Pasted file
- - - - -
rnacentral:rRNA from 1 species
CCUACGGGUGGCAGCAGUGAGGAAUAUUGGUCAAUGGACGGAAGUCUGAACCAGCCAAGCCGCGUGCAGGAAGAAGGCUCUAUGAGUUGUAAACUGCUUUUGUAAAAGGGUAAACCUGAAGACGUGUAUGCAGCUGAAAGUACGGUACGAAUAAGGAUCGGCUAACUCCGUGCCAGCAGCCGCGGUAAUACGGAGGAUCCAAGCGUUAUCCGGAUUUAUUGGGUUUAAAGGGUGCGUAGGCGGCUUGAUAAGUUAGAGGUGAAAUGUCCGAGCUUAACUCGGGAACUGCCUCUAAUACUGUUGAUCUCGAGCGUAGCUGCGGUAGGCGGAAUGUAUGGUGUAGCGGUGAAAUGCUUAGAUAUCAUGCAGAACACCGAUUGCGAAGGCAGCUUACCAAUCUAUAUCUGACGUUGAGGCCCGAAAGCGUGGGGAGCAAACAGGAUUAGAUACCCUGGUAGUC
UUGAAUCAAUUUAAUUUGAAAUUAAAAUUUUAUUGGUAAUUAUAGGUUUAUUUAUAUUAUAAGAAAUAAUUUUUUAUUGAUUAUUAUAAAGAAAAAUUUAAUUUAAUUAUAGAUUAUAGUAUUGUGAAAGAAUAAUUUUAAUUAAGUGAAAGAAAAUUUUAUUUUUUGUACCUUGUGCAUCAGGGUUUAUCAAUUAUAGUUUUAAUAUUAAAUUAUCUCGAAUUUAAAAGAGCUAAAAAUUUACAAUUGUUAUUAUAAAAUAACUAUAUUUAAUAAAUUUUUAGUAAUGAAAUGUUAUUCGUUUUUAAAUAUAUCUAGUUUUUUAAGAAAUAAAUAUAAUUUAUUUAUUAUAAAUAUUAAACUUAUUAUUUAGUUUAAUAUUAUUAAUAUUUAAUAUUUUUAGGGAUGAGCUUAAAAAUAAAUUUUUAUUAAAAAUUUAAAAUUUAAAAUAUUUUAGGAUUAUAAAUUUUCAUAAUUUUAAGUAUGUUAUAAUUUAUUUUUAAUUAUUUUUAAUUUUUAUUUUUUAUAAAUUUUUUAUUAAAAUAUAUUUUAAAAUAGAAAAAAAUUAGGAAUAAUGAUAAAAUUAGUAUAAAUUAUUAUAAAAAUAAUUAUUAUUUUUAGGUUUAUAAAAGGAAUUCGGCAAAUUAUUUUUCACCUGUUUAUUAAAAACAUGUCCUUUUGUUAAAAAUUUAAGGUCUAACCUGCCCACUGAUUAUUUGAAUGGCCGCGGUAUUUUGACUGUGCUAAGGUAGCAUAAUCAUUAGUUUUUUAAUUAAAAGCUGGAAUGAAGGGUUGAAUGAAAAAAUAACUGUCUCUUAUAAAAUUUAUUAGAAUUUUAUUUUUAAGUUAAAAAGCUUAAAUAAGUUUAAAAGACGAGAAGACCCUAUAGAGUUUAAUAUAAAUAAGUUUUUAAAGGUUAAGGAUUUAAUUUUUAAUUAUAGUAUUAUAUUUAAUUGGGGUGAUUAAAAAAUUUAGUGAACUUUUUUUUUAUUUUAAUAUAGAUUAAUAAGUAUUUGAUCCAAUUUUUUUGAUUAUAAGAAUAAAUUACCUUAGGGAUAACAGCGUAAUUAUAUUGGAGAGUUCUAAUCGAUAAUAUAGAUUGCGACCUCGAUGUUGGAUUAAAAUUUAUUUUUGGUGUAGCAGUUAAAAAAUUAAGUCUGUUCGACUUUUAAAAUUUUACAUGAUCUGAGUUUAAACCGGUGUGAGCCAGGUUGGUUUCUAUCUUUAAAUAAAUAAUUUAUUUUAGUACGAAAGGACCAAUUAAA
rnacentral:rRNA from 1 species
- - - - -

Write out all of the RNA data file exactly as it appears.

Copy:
rnacentral:rRNA from 1 species
CCUACGGGUGGCAGCAGUGAGGAAUAUUGGUCAAUGGACGGAAGUCUGAACCAGCCAAGCCGCGUGCAGGAAGAAGGCUCUAUGAGUUGUAAACUGCUUUUGUAAAAGGGUAAACCUGAAGACGUGUAUGCAGCUGAAAGUACGGUACGAAUAAGGAUCGGCUAACUCCGUGCCAGCAGCCGCGGUAAUACGGAGGAUCCAAGCGUUAUCCGGAUUUAUUGGGUUUAAAGGGUGCGUAGGCGGCUUGAUAAGUUAGAGGUGAAAUGUCCGAGCUUAACUCGGGAACUGCCUCUAAUACUGUUGAUCUCGAGCGUAGCUGCGGUAGGCGGAAUGUAUGGUGUAGCGGUGAAAUGCUUAGAUAUCAUGCAGAACACCGAUUGCGAAGGCAGCUUACCAAUCUAUAUCUGACGUUGAGGCCCGAAAGCGUGGGGAGCAAACAGGAUUAGAUACCCUGGUAGUC
UUGAAUCAAUUUAAUUUGAAAUUAAAAUUUUAUUGGUAAUUAUAGGUUUAUUUAUAUUAUAAGAAAUAAUUUUUUAUUGAUUAUUAUAAAGAAAAAUUUAAUUUAAUUAUAGAUUAUAGUAUUGUGAAAGAAUAAUUUUAAUUAAGUGAAAGAAAAUUUUAUUUUUUGUACCUUGUGCAUCAGGGUUUAUCAAUUAUAGUUUUAAUAUUAAAUUAUCUCGAAUUUAAAAGAGCUAAAAAUUUACAAUUGUUAUUAUAAAAUAACUAUAUUUAAUAAAUUUUUAGUAAUGAAAUGUUAUUCGUUUUUAAAUAUAUCUAGUUUUUUAAGAAAUAAAUAUAAUUUAUUUAUUAUAAAUAUUAAACUUAUUAUUUAGUUUAAUAUUAUUAAUAUUUAAUAUUUUUAGGGAUGAGCUUAAAAAUAAAUUUUUAUUAAAAAUUUAAAAUUUAAAAUAUUUUAGGAUUAUAAAUUUUCAUAAUUUUAAGUAUGUUAUAAUUUAUUUUUAAUUAUUUUUAAUUUUUAUUUUUUAUAAAUUUUUUAUUAAAAUAUAUUUUAAAAUAGAAAAAAAUUAGGAAUAAUGAUAAAAUUAGUAUAAAUUAUUAUAAAAAUAAUUAUUAUUUUUAGGUUUAUAAAAGGAAUUCGGCAAAUUAUUUUUCACCUGUUUAUUAAAAACAUGUCCUUUUGUUAAAAAUUUAAGGUCUAACCUGCCCACUGAUUAUUUGAAUGGCCGCGGUAUUUUGACUGUGCUAAGGUAGCAUAAUCAUUAGUUUUUUAAUUAAAAGCUGGAAUGAAGGGUUGAAUGAAAAAAUAACUGUCUCUUAUAAAAUUUAUUAGAAUUUUAUUUUUAAGUUAAAAAGCUUAAAUAAGUUUAAAAGACGAGAAGACCCUAUAGAGUUUAAUAUAAAUAAGUUUUUAAAGGUUAAGGAUUUAAUUUUUAAUUAUAGUAUUAUAUUUAAUUGGGGUGAUUAAAAAAUUUAGUGAACUUUUUUUUUAUUUUAAUAUAGAUUAAUAAGUAUUUGAUCCAAUUUUUUUGAUUAUAAGAAUAAAUUACCUUAGGGAUAACAGCGUAAUUAUAUUGGAGAGUUCUAAUCGAUAAUAUAGAUUGCGACCUCGAUGUUGGAUUAAAAUUUAUUUUUGGUGUAGCAGUUAAAAAAUUAAGUCUGUUCGACUUUUAAAAUUUUACAUGAUCUGAGUUUAAACCGGUGUGAGCCAGGUUGGUUUCUAUCUUUAAAUAAAUAAUUUAUUUUAGUACGAAAGGACCAAUUAAA
rnacentral:rRNA from 1 species